The experience inspired him to create a set of rules for himself when he took over program development for African American Interpretation: A program's point of view — with a few exceptions — had to be of the enslaved, and the program had to be focused on their lives and not their circumstances.
A Gathering of Hair, a Saturday afternoon program that began in 2013, follows both of Seals' cardinal rules. Katrinah Lewis, along with actor-interpreters Deirdre Jones and Hope Wright, wrote the half-hour program that gives guests the opportunity to watch three black women do each other's hair as they get ready for a wedding.
The conversation is not unlike one you would hear in a hair salon today.
They talk about men. They talk about relationships. They talk about children. They talk about work. They laugh, banter and poke fun at one another.
And yes, two of them are owned rather than employed, but that does not define their conversation, just as it does not define their lives. Slavery's effect on these women is conveyed through anecdotes about other aspects of their lives: The free black woman cannot see her enslaved beau unless his master gives permission, and one of the enslaved women is late to meet her friends because her request for a pass turns into a prolonged encounter with her master.
"I love those stories because it allows an audience to not feel like they're being hit over the head or preached to or told how to feel about something," Seals said. "They're given the opportunity to see how people deal with being in these circumstances and see them not as an ‘other' but to see themselves in them."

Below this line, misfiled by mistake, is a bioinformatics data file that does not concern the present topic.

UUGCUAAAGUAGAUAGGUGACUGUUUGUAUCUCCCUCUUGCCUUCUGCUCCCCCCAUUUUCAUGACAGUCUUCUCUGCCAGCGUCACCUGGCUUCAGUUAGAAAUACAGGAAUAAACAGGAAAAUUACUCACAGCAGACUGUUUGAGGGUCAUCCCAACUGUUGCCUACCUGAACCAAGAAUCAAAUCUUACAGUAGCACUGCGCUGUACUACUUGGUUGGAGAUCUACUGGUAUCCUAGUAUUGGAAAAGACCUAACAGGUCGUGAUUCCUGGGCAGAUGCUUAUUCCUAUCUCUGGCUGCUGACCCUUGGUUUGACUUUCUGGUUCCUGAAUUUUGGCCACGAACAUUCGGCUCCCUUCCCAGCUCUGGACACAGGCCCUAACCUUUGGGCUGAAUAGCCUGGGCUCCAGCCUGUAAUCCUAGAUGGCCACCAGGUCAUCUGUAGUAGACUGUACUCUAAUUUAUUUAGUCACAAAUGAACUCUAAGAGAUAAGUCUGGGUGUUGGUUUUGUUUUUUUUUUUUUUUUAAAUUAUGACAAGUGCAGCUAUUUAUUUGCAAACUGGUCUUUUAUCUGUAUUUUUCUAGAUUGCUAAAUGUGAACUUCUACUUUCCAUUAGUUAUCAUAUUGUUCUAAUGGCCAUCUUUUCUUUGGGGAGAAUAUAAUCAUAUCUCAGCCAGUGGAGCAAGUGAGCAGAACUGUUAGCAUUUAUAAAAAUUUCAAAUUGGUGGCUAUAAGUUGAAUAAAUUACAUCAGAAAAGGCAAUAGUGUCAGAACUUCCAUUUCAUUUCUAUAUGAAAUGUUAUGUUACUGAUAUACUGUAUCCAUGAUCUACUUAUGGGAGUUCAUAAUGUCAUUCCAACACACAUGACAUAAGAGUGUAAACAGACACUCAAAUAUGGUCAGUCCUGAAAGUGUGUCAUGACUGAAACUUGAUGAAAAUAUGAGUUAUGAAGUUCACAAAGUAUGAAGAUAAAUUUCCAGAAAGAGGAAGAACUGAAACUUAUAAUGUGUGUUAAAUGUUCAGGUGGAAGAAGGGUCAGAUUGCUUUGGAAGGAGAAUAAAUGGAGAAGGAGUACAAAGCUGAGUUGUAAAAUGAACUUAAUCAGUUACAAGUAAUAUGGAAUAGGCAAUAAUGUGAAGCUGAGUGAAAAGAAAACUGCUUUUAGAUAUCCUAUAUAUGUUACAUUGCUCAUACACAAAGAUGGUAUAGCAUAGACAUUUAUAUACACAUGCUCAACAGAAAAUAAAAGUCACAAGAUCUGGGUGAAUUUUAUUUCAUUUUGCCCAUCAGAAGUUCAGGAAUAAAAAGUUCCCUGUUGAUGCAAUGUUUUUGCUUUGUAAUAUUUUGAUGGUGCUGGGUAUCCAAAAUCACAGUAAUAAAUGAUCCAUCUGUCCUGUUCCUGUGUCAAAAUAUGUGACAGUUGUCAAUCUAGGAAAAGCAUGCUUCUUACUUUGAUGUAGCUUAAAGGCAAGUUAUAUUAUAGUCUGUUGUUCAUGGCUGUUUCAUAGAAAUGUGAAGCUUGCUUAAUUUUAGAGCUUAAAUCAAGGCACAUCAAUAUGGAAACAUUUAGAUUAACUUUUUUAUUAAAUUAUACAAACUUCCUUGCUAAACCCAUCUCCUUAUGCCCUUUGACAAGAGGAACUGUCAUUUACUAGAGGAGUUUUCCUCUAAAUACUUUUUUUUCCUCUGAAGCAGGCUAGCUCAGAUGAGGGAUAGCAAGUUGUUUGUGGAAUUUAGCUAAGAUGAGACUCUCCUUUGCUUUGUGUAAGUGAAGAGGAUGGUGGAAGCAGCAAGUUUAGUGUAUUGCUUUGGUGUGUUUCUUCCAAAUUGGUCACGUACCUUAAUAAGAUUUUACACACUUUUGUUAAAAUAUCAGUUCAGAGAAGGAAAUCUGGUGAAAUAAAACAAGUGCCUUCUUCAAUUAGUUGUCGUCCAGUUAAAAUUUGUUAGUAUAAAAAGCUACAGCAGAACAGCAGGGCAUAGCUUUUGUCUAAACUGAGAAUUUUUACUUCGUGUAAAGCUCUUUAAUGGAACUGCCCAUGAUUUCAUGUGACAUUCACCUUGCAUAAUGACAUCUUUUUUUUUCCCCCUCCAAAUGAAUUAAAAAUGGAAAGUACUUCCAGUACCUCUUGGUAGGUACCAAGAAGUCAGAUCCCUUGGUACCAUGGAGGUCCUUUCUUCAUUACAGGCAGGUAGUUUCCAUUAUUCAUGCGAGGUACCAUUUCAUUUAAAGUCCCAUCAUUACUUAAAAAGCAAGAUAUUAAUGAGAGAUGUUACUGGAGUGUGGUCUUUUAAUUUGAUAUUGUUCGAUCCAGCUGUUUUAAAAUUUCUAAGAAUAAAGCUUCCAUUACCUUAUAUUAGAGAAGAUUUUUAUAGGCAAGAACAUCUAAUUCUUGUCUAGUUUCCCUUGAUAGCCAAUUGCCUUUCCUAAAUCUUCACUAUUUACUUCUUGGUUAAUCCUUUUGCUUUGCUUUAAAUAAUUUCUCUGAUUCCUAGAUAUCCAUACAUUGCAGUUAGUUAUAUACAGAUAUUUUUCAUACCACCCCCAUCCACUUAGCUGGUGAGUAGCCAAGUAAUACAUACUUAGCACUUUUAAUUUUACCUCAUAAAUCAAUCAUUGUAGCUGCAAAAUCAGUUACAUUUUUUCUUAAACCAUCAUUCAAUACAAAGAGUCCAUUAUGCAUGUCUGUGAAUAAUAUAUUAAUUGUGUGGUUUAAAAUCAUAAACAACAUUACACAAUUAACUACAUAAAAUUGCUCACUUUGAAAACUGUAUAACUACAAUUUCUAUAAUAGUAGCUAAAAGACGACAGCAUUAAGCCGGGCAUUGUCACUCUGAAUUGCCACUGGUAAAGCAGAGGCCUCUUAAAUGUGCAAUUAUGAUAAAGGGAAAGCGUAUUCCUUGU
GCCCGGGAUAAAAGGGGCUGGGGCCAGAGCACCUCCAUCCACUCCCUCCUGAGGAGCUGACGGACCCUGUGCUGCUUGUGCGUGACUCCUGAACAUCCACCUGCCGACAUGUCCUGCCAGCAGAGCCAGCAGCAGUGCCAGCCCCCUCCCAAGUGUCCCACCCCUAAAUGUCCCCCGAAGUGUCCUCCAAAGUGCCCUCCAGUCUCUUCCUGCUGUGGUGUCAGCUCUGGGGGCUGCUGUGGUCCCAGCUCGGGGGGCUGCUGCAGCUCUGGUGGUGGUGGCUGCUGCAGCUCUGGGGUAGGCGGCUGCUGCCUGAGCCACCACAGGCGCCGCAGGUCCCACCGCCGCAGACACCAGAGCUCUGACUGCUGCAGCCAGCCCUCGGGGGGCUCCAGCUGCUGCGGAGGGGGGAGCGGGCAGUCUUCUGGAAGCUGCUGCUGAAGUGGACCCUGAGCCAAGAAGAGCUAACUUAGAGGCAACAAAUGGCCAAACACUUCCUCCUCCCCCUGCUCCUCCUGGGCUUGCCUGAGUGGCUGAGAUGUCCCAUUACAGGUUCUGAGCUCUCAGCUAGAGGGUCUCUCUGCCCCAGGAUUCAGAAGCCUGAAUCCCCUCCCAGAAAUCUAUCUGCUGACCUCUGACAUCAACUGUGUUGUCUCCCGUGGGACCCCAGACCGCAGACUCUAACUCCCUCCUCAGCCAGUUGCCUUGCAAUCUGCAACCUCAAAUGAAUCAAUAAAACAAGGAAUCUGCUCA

On a tour of the Peyton Randolph House, for example, guests discover that: Randolph's wife, Elizabeth, largely ran the estate; the Randolphs hosted icons of the American Revolution, such as Thomas Jefferson, George Washington and the Comte de Rochambeau; and the family took in Elizabeth Randolph's young niece, also named Elizabeth, after her father died.
But the tour, offered year-round, also reveals that the Randolphs owned 27 people who lived on that property. Guests learn enslaved people lined the walls of the dining room as various Founding Fathers engaged in philosophical discussions about the American Revolution. They also learn that 12-year-old Elizabeth brought with her a slave of her own — a girl named Violet who was just two years older — who would have slept on the floor outside her mistress's bedroom.
Foundation historians recently instituted changes to the Randolph House guided tour to better communicate the day-to-day lives of both the white and black people who walked its halls, and those changes offer an example of the storytelling Seals would like to see more of throughout the Historic Area.